I'm all ears if someone has some other insight into their intent. So far all I've heard is, "it must be 2 shots because 2 shots was mentioned elsewhere in the same sentence", which doesn't make any logical sense that I can see. And then somehow, this 2 shots is being stretched to the maximum distance where up and down can be confidently made, in spite of the fact that a pro player is probably expecting to make no better than a 2 all the way into 100 feet or closer.

What does it mean when you say you're not going to get into grammatical nuances and then do?

The only reason there's a discussion around close and two strokes is because people don't like what using the definition of par gets them. That's the simple discussion. If you go with the dictionary definition then you have to define what an experienced player is and you're done.
Reply With Quote
  #1598  
Old 08-03-2017, 08:26 PM
BogeyNoMore's Avatar
BogeyNoMore BogeyNoMore is online now
* Ace Member *
 
Join Date: Jul 2009
Location: Walled Lake, MI
Years Playing: 14.6
Courses Played: 287
Throwing Style: RHBH
Posts: 9,429
Niced 1,636 Times in 845 Posts
Default

Quote:
Originally Posted by DavidSauls View Post
Or Olorin will show up, and this will become a long thread.
Indeed... at just 160 pages this thread's just Rec level, and still has a way to go before it's full potential is realized.
Reply With Quote
  #1599  
Old 08-03-2017, 08:48 PM
DG_player DG_player is offline
Birdie Member
 
Join Date: Apr 2013
Posts: 499
Niced 128 Times in 87 Posts
Default

Quote:
Originally Posted by lyleoross View Post
What does it mean when you say you're not going to get into grammatical nuances and then do?

The only reason there's a discussion around close and two strokes is because people don't like what using the definition of par gets them. That's the simple discussion. If you go with the dictionary definition then you have to define what an experienced player is and you're done.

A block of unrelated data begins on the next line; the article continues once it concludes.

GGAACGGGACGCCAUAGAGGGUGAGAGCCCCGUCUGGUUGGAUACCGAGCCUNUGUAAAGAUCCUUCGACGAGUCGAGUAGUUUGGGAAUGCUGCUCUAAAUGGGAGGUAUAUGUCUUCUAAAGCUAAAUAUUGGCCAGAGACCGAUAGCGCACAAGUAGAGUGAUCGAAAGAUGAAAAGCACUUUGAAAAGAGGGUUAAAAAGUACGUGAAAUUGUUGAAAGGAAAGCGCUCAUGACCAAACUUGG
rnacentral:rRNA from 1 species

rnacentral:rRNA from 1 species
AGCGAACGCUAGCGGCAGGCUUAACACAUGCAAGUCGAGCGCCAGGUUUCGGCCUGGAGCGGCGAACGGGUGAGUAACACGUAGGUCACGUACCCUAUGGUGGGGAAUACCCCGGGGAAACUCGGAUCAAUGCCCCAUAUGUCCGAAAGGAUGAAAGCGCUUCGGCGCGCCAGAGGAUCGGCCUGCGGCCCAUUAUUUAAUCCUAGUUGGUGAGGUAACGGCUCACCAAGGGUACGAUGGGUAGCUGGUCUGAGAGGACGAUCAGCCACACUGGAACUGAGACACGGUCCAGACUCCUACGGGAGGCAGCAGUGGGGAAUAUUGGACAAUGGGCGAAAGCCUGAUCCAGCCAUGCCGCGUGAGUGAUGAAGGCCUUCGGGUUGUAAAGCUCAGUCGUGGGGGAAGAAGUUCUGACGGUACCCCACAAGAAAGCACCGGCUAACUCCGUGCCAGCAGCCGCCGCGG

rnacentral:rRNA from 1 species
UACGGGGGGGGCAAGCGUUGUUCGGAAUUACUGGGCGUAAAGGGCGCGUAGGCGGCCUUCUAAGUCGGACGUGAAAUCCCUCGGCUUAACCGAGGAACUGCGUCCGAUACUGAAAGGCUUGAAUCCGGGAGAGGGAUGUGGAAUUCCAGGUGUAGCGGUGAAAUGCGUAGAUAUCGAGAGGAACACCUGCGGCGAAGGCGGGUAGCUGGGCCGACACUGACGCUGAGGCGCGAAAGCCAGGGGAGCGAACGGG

What's the dictionary definition have to do with anything? The PDGA defined par, that's the definition as far as disc golf is concerned.
Reply With Quote
 

  #1600  
Old 08-03-2017, 09:05 PM
DavidSauls's Avatar
DavidSauls DavidSauls is offline
* Ace Member *
 
Join Date: Mar 2008
Location: Newberry, SC
Years Playing: 23.5
Courses Played: 125
Posts: 14,311
Niced 2,137 Times in 1,018 Posts
Default

Excuse me, folks, I have to leave this discussion to go talk about the ADGT. I'll be back in a few weeks.
Reply With Quote
Reply

Thread Tools

Posting Rules
You may not post new threads
You may not post replies
You may not post attachments
You may not edit your posts

BB code is On
Smilies are On
[IMG] code is On
HTML code is Off

Forum Jump

Similar Threads
Thread Thread Starter Forum Replies Last Post
Par 4s - multiple in a row or sprinkle par 3s into them? ToddL Course Design 9 02-23-2018 10:47 AM
Poorly designed par 4,5,and par 6 holes and bad high par courses optidiscic Course Design 159 09-12-2014 11:53 AM
Cgkdisc and jeverett talk about par Steve West Course Design 53 05-05-2012 09:37 AM
Deuce or die par 3's or play for par, par 3's? BrotherDave Disc Golf Courses 14 04-29-2011 01:04 AM
Par and Pro Par for multiple tees with different pars? marcusmpe General Disc Golf Chat 6 04-26-2010 07:13 PM


All times are GMT -4. The time now is 06:55 PM.


Powered by vBulletin® Version 3.8.10
Copyright ©2000 - 2018, vBulletin Solutions, Inc.